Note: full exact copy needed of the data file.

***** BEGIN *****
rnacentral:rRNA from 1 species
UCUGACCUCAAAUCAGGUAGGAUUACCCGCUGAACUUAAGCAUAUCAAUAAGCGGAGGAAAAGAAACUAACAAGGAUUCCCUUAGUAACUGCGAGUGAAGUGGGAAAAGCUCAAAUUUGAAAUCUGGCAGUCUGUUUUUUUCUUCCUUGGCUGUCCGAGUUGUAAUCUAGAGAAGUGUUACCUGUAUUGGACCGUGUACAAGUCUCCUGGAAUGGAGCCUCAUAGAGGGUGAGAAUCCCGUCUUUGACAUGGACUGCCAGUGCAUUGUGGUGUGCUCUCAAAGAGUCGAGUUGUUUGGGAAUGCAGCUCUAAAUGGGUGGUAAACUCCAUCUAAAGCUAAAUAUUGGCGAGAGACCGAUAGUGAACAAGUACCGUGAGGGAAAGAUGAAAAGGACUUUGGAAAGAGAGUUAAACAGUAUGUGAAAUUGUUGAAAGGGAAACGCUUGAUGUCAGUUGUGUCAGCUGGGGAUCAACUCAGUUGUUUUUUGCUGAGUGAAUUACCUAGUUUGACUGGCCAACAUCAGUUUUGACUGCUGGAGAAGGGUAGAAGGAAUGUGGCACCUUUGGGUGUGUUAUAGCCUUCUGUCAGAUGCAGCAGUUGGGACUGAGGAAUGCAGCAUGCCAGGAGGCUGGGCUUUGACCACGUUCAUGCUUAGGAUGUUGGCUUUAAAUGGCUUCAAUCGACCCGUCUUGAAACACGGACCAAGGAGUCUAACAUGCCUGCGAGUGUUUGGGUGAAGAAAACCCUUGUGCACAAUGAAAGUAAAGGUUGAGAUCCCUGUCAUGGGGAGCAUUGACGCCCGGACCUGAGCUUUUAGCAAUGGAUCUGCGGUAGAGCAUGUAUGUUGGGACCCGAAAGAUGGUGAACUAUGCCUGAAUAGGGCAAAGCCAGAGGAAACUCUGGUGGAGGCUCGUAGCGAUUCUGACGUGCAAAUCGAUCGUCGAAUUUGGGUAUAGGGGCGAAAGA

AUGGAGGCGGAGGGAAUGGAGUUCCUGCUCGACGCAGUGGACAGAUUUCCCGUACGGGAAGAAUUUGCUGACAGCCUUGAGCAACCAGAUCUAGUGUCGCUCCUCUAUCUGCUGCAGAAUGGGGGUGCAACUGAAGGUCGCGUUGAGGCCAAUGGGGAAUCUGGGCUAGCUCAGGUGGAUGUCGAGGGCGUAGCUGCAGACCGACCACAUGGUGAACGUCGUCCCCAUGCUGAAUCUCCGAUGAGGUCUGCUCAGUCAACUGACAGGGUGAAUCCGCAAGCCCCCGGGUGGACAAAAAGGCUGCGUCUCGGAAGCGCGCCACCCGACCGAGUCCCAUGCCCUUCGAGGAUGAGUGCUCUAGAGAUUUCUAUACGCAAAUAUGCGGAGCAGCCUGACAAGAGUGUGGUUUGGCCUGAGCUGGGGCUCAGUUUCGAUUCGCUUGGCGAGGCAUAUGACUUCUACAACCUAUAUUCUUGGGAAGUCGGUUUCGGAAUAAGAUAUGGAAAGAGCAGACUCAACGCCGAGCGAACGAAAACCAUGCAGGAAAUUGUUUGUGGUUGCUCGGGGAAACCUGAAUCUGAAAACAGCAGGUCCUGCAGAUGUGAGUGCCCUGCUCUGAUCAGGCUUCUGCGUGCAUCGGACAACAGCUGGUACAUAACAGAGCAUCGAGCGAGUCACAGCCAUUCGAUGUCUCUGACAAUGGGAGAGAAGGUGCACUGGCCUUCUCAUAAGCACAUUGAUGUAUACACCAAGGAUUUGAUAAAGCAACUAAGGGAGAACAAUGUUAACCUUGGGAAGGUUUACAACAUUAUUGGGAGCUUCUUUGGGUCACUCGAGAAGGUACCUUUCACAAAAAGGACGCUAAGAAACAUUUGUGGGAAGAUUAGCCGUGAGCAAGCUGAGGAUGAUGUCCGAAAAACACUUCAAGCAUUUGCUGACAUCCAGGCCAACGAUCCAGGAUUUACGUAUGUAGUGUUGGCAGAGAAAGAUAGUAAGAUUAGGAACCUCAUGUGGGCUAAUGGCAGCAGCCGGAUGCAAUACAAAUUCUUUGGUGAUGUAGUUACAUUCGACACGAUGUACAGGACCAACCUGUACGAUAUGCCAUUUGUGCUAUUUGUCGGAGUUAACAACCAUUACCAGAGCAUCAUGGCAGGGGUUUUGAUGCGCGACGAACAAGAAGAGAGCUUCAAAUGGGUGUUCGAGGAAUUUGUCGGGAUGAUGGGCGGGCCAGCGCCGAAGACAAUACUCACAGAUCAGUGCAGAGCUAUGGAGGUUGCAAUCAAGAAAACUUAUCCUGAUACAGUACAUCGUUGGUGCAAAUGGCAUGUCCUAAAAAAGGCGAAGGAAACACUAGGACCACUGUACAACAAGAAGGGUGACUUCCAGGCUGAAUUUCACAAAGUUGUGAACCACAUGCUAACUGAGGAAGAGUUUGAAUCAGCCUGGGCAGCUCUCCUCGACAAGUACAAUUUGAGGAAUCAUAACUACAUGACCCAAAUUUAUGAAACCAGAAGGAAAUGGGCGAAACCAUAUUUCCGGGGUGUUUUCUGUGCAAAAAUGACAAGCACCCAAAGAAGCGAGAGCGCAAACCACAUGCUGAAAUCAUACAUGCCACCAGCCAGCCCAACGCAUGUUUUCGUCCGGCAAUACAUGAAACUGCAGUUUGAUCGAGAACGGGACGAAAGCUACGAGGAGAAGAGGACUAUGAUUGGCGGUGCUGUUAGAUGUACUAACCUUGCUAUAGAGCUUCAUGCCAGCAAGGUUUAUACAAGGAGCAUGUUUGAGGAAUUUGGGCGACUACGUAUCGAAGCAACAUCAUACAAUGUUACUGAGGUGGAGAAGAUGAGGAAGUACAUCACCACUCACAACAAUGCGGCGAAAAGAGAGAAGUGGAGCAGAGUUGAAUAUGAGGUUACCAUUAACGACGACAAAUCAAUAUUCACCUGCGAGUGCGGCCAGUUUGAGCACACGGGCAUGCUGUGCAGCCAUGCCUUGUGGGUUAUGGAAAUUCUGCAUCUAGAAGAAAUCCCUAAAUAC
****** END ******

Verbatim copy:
rnacentral:rRNA from 1 species
UCUGACCUCAAAUCAGGUAGGAUUACCCGCUGAACUUAAGCAUAUCAAUAAGCGGAGGAAAAGAAACUAACAAGGAUUCCCUUAGUAACUGCGAGUGAAGUGGGAAAAGCUCAAAUUUGAAAUCUGGCAGUCUGUUUUUUUCUUCCUUGGCUGUCCGAGUUGUAAUCUAGAGAAGUGUUACCUGUAUUGGACCGUGUACAAGUCUCCUGGAAUGGAGCCUCAUAGAGGGUGAGAAUCCCGUCUUUGACAUGGACUGCCAGUGCAUUGUGGUGUGCUCUCAAAGAGUCGAGUUGUUUGGGAAUGCAGCUCUAAAUGGGUGGUAAACUCCAUCUAAAGCUAAAUAUUGGCGAGAGACCGAUAGUGAACAAGUACCGUGAGGGAAAGAUGAAAAGGACUUUGGAAAGAGAGUUAAACAGUAUGUGAAAUUGUUGAAAGGGAAACGCUUGAUGUCAGUUGUGUCAGCUGGGGAUCAACUCAGUUGUUUUUUGCUGAGUGAAUUACCUAGUUUGACUGGCCAACAUCAGUUUUGACUGCUGGAGAAGGGUAGAAGGAAUGUGGCACCUUUGGGUGUGUUAUAGCCUUCUGUCAGAUGCAGCAGUUGGGACUGAGGAAUGCAGCAUGCCAGGAGGCUGGGCUUUGACCACGUUCAUGCUUAGGAUGUUGGCUUUAAAUGGCUUCAAUCGACCCGUCUUGAAACACGGACCAAGGAGUCUAACAUGCCUGCGAGUGUUUGGGUGAAGAAAACCCUUGUGCACAAUGAAAGUAAAGGUUGAGAUCCCUGUCAUGGGGAGCAUUGACGCCCGGACCUGAGCUUUUAGCAAUGGAUCUGCGGUAGAGCAUGUAUGUUGGGACCCGAAAGAUGGUGAACUAUGCCUGAAUAGGGCAAAGCCAGAGGAAACUCUGGUGGAGGCUCGUAGCGAUUCUGACGUGCAAAUCGAUCGUCGAAUUUGGGUAUAGGGGCGAAAGA

AUGGAGGCGGAGGGAAUGGAGUUCCUGCUCGACGCAGUGGACAGAUUUCCCGUACGGGAAGAAUUUGCUGACAGCCUUGAGCAACCAGAUCUAGUGUCGCUCCUCUAUCUGCUGCAGAAUGGGGGUGCAACUGAAGGUCGCGUUGAGGCCAAUGGGGAAUCUGGGCUAGCUCAGGUGGAUGUCGAGGGCGUAGCUGCAGACCGACCACAUGGUGAACGUCGUCCCCAUGCUGAAUCUCCGAUGAGGUCUGCUCAGUCAACUGACAGGGUGAAUCCGCAAGCCCCCGGGUGGACAAAAAGGCUGCGUCUCGGAAGCGCGCCACCCGACCGAGUCCCAUGCCCUUCGAGGAUGAGUGCUCUAGAGAUUUCUAUACGCAAAUAUGCGGAGCAGCCUGACAAGAGUGUGGUUUGGCCUGAGCUGGGGCUCAGUUUCGAUUCGCUUGGCGAGGCAUAUGACUUCUACAACCUAUAUUCUUGGGAAGUCGGUUUCGGAAUAAGAUAUGGAAAGAGCAGACUCAACGCCGAGCGAACGAAAACCAUGCAGGAAAUUGUUUGUGGUUGCUCGGGGAAACCUGAAUCUGAAAACAGCAGGUCCUGCAGAUGUGAGUGCCCUGCUCUGAUCAGGCUUCUGCGUGCAUCGGACAACAGCUGGUACAUAACAGAGCAUCGAGCGAGUCACAGCCAUUCGAUGUCUCUGACAAUGGGAGAGAAGGUGCACUGGCCUUCUCAUAAGCACAUUGAUGUAUACACCAAGGAUUUGAUAAAGCAACUAAGGGAGAACAAUGUUAACCUUGGGAAGGUUUACAACAUUAUUGGGAGCUUCUUUGGGUCACUCGAGAAGGUACCUUUCACAAAAAGGACGCUAAGAAACAUUUGUGGGAAGAUUAGCCGUGAGCAAGCUGAGGAUGAUGUCCGAAAAACACUUCAAGCAUUUGCUGACAUCCAGGCCAACGAUCCAGGAUUUACGUAUGUAGUGUUGGCAGAGAAAGAUAGUAAGAUUAGGAACCUCAUGUGGGCUAAUGGCAGCAGCCGGAUGCAAUACAAAUUCUUUGGUGAUGUAGUUACAUUCGACACGAUGUACAGGACCAACCUGUACGAUAUGCCAUUUGUGCUAUUUGUCGGAGUUAACAACCAUUACCAGAGCAUCAUGGCAGGGGUUUUGAUGCGCGACGAACAAGAAGAGAGCUUCAAAUGGGUGUUCGAGGAAUUUGUCGGGAUGAUGGGCGGGCCAGCGCCGAAGACAAUACUCACAGAUCAGUGCAGAGCUAUGGAGGUUGCAAUCAAGAAAACUUAUCCUGAUACAGUACAUCGUUGGUGCAAAUGGCAUGUCCUAAAAAAGGCGAAGGAAACACUAGGACCACUGUACAACAAGAAGGGUGACUUCCAGGCUGAAUUUCACAAAGUUGUGAACCACAUGCUAACUGAGGAAGAGUUUGAAUCAGCCUGGGCAGCUCUCCUCGACAAGUACAAUUUGAGGAAUCAUAACUACAUGACCCAAAUUUAUGAAACCAGAAGGAAAUGGGCGAAACCAUAUUUCCGGGGUGUUUUCUGUGCAAAAAUGACAAGCACCCAAAGAAGCGAGAGCGCAAACCACAUGCUGAAAUCAUACAUGCCACCAGCCAGCCCAACGCAUGUUUUCGUCCGGCAAUACAUGAAACUGCAGUUUGAUCGAGAACGGGACGAAAGCUACGAGGAGAAGAGGACUAUGAUUGGCGGUGCUGUUAGAUGUACUAACCUUGCUAUAGAGCUUCAUGCCAGCAAGGUUUAUACAAGGAGCAUGUUUGAGGAAUUUGGGCGACUACGUAUCGAAGCAACAUCAUACAAUGUUACUGAGGUGGAGAAGAUGAGGAAGUACAUCACCACUCACAACAAUGCGGCGAAAAGAGAGAAGUGGAGCAGAGUUGAAUAUGAGGUUACCAUUAACGACGACAAAUCAAUAUUCACCUGCGAGUGCGGCCAGUUUGAGCACACGGGCAUGCUGUGCAGCCAUGCCUUGUGGGUUAUGGAAAUUCUGCAUCUAGAAGAAAUCCCUAAAUAC